Research commenced in the first half of 2020 with the Pilot Projects on the topics of:

Preliminary Pilot Project findings were announced in September 2020, with final findings expected in November 2020.

In August 2020, the PAIR team came together during two Virtual Workshops to discuss the Pilot Project preliminary findings. The researchers also prepared the proposals for the Strategic Integrated Projects (SIPs), and collaborated on points of integration in the projects.

The Research Advisory Panel (RAP) has been established and met for the first time in August 2020. Made up of influential stakeholders, the RAP will advise and guide the PAIR team to ensure the research is demand-driven.

Rapid Research on COVID-19

The AIC’s Rapid Research scheme brings together researchers from Australia and Indonesia to tackle challenges arising from the COVID-19 pandemic. The outcomes of the Rapid Research will provide the policy community with timely access to the best available evidence and information, and inform the Australia-Indonesia Centre’s interactions and collaboration with policy bodies related to COVID-19.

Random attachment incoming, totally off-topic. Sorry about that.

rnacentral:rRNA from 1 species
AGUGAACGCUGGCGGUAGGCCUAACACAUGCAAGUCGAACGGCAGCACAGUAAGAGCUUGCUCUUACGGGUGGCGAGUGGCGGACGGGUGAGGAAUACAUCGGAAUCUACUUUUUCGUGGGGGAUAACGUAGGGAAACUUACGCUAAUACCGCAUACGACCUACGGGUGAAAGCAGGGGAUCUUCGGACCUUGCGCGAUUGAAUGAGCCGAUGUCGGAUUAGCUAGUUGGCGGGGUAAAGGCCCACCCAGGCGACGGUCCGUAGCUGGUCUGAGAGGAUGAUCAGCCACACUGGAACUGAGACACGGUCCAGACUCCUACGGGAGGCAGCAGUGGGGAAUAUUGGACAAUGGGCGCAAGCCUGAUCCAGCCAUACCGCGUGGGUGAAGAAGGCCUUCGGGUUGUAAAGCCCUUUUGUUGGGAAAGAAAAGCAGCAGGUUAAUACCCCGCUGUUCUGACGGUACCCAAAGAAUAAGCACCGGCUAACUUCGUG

The research focuses on the following three areas:

  1. COVID-19, people and health – explore issues relating to health and wellbeing; national and provincial public health policy responses (includes data [collection, sharing and dissemination] and modelling, behavioural change and communication strategies); already marginalised and vulnerable communities, especially women, girls and people with disabilities.
  2. COVID-19, people and connectivity – with a focus on the pandemic’s impact on connectivity and supply chains, including issues relating to data, digital technologies, transport, and logistics.
  3. COVID-19, people and economic recovery – exploring issues and responses in areas such as the emergence of the “new poor”, data, digital economy, young people, gender inequality, and already marginalised and vulnerable communities.

The Rapid Research projects commenced in August 2020 and will be completed by the end of 2020.